A NEW bird book reached me in the post this week. Bird-watching is increasingly popular with those who like to wander out of doors but to enjoy this book, one does not have to wander at all: Ireland’s Garden Birds — How to Identify, Attract and Garden for Birds, provides all one could need for enjoyable domestic bird-watching.
The book is written by doyens of Irish birding, Oran O’Sullivan and Jim Wilson, and published by The Collins Press at €16.99.
While it would make an ideal Christmas present, I’d be inclined to hand it over now, as winter comes in, birds flock to the bird table and are more visible as the leaves fall. The book’s great strength is its usefulness to the amateur.
The photo galleries, with a matchbox-size, full-colour picture of each of the 56 birds dealt with, will enable the novice to quickly name what he or she is looking at on the bird table. In more comprehensive field guides, many hundreds of species are illustrated and there’s no way of identifying the bird you saw other than thumbing through page after page until one finds a match.
Added to the sheer enjoyment of educating oneself, there’s the chance one will find a new vocation in providing suitable food and flora to attract our feathered friends to the domestic patch.
Oran O’Sullivan has written comprehensively on this and between himself and Jim Wilson, they have provided a user-friendly manual, sure to become dog-eared through regular reference over the years.
The second book the postman brought was a quirky little volume called A Prickly Affair. It’s published by Allen Lane in paperback at £14.99, and written by Hugh Warwick, a man whose world revolves around hedgehogs. It’s an enjoyable read if you have any interest in these prickly creatures, and it’s written in a style which will engage those with even a minor passing interest.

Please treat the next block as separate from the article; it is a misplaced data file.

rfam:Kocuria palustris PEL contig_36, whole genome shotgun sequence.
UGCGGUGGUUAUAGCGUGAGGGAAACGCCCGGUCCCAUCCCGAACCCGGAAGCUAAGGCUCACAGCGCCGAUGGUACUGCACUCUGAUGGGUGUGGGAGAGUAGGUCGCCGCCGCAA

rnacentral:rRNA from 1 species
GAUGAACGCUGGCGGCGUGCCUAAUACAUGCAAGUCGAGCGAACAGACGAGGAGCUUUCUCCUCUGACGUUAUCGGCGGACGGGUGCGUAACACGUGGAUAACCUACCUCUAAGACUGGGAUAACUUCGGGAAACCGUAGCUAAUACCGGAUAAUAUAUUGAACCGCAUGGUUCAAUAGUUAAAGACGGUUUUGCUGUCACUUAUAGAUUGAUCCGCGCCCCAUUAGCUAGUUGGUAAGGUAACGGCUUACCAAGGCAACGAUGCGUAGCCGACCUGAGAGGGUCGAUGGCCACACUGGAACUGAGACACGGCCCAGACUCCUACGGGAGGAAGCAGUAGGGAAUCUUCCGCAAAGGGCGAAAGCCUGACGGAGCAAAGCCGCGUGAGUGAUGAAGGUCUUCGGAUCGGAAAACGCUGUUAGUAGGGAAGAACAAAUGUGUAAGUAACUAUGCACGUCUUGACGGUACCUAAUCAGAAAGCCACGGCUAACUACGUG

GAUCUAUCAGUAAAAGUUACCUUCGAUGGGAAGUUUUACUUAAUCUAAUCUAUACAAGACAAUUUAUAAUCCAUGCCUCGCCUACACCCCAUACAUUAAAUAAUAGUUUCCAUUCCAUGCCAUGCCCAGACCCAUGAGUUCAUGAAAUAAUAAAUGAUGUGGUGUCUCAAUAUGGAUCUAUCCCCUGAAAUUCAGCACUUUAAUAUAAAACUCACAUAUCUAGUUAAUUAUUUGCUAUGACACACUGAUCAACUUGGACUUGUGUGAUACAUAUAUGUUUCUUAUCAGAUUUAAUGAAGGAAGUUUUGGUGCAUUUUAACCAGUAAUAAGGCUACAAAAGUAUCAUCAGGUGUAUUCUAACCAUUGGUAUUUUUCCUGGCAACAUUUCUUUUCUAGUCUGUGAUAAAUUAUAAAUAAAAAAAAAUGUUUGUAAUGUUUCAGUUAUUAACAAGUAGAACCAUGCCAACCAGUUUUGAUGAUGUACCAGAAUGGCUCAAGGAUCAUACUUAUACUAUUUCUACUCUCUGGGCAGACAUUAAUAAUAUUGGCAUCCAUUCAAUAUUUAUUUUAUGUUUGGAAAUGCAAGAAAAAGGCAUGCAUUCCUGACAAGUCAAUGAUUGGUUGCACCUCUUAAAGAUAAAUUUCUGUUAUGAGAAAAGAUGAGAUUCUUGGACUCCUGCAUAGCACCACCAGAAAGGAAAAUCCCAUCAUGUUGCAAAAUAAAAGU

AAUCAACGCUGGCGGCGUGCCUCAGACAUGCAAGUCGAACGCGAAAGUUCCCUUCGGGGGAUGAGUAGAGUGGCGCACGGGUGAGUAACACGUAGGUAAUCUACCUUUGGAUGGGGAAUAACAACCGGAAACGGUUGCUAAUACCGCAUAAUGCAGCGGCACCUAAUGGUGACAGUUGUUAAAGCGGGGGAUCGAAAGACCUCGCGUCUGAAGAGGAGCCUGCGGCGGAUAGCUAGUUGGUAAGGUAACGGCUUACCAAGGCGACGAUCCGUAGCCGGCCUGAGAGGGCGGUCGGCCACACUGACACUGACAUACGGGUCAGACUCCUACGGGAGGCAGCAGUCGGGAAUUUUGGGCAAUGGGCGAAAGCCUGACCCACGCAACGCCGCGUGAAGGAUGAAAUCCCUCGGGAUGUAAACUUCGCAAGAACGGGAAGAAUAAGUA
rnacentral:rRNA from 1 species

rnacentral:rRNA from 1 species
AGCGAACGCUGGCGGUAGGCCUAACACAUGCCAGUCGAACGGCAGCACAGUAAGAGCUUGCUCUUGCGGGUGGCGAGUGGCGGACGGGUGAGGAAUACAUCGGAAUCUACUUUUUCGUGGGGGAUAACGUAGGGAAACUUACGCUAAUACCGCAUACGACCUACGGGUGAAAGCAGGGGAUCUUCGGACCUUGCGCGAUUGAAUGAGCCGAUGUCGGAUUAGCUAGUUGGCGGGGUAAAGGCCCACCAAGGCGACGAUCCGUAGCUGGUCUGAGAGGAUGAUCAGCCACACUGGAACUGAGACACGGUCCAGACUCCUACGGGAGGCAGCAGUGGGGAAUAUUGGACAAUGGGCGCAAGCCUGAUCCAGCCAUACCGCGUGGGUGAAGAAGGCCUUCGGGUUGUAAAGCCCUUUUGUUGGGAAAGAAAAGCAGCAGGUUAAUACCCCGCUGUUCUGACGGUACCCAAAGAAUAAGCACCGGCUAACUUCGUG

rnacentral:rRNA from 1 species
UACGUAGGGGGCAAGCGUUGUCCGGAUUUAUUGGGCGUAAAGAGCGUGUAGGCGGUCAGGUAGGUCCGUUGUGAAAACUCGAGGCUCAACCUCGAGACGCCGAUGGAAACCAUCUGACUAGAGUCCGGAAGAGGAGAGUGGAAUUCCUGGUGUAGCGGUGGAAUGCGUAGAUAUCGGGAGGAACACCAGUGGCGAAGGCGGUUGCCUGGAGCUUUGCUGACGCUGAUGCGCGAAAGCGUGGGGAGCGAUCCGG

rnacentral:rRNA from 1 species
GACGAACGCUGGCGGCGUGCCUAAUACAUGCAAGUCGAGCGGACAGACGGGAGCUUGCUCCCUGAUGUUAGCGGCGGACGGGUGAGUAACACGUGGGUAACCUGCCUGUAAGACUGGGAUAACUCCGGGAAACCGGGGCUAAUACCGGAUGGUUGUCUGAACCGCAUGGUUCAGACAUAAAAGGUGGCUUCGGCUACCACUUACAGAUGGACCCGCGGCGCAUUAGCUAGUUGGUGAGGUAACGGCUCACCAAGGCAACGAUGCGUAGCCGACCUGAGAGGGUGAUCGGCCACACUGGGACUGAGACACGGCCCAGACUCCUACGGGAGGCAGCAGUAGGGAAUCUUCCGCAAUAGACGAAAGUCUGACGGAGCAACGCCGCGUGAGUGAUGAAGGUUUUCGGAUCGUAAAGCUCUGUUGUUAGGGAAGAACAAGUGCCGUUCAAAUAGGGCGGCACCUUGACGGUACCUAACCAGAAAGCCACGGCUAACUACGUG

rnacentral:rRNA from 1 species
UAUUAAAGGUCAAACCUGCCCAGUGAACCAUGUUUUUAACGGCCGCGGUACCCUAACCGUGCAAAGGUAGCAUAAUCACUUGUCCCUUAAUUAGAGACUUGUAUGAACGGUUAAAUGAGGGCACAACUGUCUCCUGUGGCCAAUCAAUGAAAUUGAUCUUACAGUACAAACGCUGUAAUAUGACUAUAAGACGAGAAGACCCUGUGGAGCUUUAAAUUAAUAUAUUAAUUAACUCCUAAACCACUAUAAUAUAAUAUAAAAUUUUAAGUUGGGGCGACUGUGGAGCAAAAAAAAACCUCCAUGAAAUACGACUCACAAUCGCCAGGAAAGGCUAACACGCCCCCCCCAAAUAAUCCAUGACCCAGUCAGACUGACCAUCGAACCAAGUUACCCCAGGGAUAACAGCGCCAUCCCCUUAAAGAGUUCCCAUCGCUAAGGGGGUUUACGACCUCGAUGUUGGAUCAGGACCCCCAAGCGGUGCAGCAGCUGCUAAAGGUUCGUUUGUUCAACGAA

Warwick is an engaging writer, eccentric and idiosyncratic. He follows hedgehogs at night via a radio signals. He prefers nothing more than to snuffle around with his spiny friends, all endowed with names and each of which, he avows, has a distinct personality.
We learn a lot about hedgehogs from Hugh. For instance, that they climb, that they can swim. That they taste of pork — hence the “hog”. That they are sometimes eaten by badgers, and by humans — a Roadkill Hedgehog Spaghetti Carbonara recipe, serves four, is supplied. They can be massaged and persuaded the uncurl if you use the right technique. I wish there was an index; I have to thumb through the book again to confirm that, under the influence of Mr Warwick’s matey and often amusing prose, I didn’t dream up some of his tales. It is a meandering book in every sense: he takes us to China to a restaurant called Waiting for Godot, and gives us a literary taste of exotic cuisine. He tells us Nepal Airlines sacrifice a goat to the gods to help keep their planes flying.
Chapters are headed: What is a Hedgehog?; What do Hedgehogs Do?; Hedgehogs and Birds; Hedgehogs and People. In Part Two, we find “A Brief Interlude at the International Hedgehog Olympic Games” and in Part Three, “How we can look after Hedgehogs” and “How Hedgehogs Can Save the World”. Hedgehogs introduced to Scottish islands decimated the seabirds nesting there, so they had to be collected and flown back to the mainland.
The next time I meet a hedgehog and I want it to uncurl so that one of my small grandchildren can stroke its furry tummy. You place the rolled-up creature on your two palms and then begin to slowly draw them apart. The hedgehog, feeling the space open beneath it, uncurls and, so long as you are gentle, you can stroke its belly to its and your hearts’ content. And the fleas won’t invade you: they’re hedgehog-specific.